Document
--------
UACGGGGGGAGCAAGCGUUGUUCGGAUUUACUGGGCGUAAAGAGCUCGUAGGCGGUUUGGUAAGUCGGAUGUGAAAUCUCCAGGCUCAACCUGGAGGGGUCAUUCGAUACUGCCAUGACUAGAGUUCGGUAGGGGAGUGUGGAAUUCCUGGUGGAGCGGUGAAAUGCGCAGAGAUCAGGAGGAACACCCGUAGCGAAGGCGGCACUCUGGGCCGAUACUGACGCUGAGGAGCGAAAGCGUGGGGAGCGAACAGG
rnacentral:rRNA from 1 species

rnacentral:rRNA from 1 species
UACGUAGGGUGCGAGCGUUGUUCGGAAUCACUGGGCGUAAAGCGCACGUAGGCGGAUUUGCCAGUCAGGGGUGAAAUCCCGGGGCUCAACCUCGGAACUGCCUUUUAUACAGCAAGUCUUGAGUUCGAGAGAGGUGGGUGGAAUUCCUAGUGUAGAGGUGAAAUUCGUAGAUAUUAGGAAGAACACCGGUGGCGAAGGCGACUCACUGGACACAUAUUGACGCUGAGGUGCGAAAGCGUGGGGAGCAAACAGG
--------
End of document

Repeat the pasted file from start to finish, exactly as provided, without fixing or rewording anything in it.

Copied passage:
UACGGGGGGAGCAAGCGUUGUUCGGAUUUACUGGGCGUAAAGAGCUCGUAGGCGGUUUGGUAAGUCGGAUGUGAAAUCUCCAGGCUCAACCUGGAGGGGUCAUUCGAUACUGCCAUGACUAGAGUUCGGUAGGGGAGUGUGGAAUUCCUGGUGGAGCGGUGAAAUGCGCAGAGAUCAGGAGGAACACCCGUAGCGAAGGCGGCACUCUGGGCCGAUACUGACGCUGAGGAGCGAAAGCGUGGGGAGCGAACAGG
rnacentral:rRNA from 1 species

rnacentral:rRNA from 1 species
UACGUAGGGUGCGAGCGUUGUUCGGAAUCACUGGGCGUAAAGCGCACGUAGGCGGAUUUGCCAGUCAGGGGUGAAAUCCCGGGGCUCAACCUCGGAACUGCCUUUUAUACAGCAAGUCUUGAGUUCGAGAGAGGUGGGUGGAAUUCCUAGUGUAGAGGUGAAAUUCGUAGAUAUUAGGAAGAACACCGGUGGCGAAGGCGACUCACUGGACACAUAUUGACGCUGAGGUGCGAAAGCGUGGGGAGCAAACAGG